My, and my wife’s, submissions on the NHS Agenda

Another day, another attempt to slow our government’s dismantling of everything of value in this country. Yesterday it was freedom of information, the day before it was the BBC; today it’s the NHS.


Turns out the Government has proposed “a new mandate to NHS England for this Parliament“, and asked for comments … but very, very quietly, in case someone hears and actually submits some.

Once again, 38 Degrees provided an easy way to respond, (Whatever you think of them as a campaigning organisation, they are certainly good on easing the path to being heard.)

This time, I and my wife both sent responses — both of them short and sweet. Here’s mine:

Well, that came out very silently. I want to tell you that the direction currently being taken by the NHS is simply unsustainable. In population of more people, with higher average age, it is a simple fact that the proportional cost of running a health service WILL rise, and indeed IS rising. The only rational response is to recognise this, and increase funding proportionally — not to keep expecting to be able to trim fat forever. Instead, we are now trimming muscle, and the NHS is weakened by it, with real and tragic consequences.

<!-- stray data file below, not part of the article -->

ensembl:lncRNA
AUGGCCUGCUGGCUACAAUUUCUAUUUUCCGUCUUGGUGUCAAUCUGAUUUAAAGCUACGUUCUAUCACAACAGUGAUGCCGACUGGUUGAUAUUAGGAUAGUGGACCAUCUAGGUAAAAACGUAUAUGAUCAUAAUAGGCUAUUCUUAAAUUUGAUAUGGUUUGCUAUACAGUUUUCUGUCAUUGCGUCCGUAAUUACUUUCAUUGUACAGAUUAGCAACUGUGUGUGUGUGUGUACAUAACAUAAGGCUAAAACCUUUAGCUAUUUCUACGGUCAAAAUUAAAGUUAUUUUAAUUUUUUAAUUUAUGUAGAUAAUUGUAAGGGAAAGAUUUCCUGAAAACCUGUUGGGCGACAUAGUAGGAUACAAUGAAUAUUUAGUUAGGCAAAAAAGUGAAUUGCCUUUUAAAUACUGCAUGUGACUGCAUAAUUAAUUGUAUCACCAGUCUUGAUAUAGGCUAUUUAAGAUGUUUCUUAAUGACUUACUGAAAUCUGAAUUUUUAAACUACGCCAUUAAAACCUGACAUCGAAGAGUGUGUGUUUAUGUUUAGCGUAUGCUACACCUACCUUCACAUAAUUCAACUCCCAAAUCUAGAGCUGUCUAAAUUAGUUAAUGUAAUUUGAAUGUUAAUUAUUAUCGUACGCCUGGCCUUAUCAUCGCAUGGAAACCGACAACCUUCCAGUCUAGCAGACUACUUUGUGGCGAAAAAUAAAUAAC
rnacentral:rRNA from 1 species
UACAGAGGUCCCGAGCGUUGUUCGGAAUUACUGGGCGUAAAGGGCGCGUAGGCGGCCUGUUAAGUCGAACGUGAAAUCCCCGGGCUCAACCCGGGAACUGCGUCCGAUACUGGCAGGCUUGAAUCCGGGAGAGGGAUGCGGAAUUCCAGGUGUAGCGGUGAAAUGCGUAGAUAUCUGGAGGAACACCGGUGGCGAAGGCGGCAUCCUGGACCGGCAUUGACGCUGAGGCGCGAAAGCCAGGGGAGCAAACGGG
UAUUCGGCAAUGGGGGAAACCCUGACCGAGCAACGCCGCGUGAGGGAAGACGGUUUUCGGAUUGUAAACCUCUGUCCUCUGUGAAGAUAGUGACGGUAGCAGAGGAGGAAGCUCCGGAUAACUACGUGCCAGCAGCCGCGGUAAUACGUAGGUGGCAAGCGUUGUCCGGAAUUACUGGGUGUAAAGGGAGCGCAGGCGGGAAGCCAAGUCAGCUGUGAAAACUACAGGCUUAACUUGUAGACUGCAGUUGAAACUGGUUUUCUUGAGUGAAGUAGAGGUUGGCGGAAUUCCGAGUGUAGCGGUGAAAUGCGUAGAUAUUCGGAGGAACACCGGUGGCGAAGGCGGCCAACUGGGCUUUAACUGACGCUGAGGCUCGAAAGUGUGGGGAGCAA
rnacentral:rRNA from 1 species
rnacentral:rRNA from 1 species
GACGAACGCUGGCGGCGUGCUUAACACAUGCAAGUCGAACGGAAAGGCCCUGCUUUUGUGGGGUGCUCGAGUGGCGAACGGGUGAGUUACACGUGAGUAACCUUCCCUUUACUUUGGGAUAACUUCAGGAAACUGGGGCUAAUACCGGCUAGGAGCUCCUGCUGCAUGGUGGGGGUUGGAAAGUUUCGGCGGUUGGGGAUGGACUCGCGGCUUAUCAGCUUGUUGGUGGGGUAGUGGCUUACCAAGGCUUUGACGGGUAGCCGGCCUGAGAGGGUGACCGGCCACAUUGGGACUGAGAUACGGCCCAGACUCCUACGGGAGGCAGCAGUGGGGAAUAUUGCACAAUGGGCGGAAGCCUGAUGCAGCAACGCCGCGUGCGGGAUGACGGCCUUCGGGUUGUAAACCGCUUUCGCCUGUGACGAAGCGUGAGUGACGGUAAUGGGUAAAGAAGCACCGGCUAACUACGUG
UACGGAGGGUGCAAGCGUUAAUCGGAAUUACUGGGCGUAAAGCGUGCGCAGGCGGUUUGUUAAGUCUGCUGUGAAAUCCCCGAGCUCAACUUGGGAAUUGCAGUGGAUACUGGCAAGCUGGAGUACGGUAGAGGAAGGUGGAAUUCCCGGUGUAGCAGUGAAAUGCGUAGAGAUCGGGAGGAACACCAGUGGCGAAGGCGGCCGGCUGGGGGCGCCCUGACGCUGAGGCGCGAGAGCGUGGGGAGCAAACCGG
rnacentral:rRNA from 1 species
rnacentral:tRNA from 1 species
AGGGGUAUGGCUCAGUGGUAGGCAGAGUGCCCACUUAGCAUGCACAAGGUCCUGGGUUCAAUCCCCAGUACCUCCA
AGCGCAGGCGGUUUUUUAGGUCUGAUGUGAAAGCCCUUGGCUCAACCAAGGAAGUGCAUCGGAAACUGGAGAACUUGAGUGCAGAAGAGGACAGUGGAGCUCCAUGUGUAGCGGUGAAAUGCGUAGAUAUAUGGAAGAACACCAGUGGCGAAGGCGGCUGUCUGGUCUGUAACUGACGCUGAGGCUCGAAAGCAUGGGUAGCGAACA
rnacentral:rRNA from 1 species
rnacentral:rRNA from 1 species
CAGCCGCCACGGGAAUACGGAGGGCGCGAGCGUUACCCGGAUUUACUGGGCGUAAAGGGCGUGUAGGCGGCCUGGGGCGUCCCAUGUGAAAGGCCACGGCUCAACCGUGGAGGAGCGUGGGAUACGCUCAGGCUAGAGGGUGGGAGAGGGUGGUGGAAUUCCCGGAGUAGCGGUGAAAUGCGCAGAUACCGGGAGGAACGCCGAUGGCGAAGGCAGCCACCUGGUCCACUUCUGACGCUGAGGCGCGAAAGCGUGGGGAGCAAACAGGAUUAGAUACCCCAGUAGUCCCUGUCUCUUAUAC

If we want to know how a privately operated health service would differ from the one we have now, we need only look across the Atlantic the the USA, where privately provisioned healthcare costs 250% as much the NHS, and results in worse outcomes. The very last thing the NHS needs is further privatisation.

Fiona’s is much more personal, and I think rather better:

I’m deeply grateful to the NHS for the cancer treatments I received a few years ago, which included chemotherapy and radiotherapy. The outcome has been positive, and I was extremely impressed by the care, dedication and skill of the NHS staff who treated me. However, because of a consistent lack of sufficient staffing, nurses were unbelievably stretched, waiting times for chemo appointments were frequently 5 hours, and several nurses came back off leave to treat people, I understand unpaid. They explained it was because the oncology department was underfunded. It must be an absolute nightmare to work for the NHS.  The government is relying people’s good nature to work under unbearable conditions. What happens when they crack? We’ll have an NHS that can’t treat cancer. For me, this is a question of life and death.

Please consider making your own submission — it only takes a couple of minutes.

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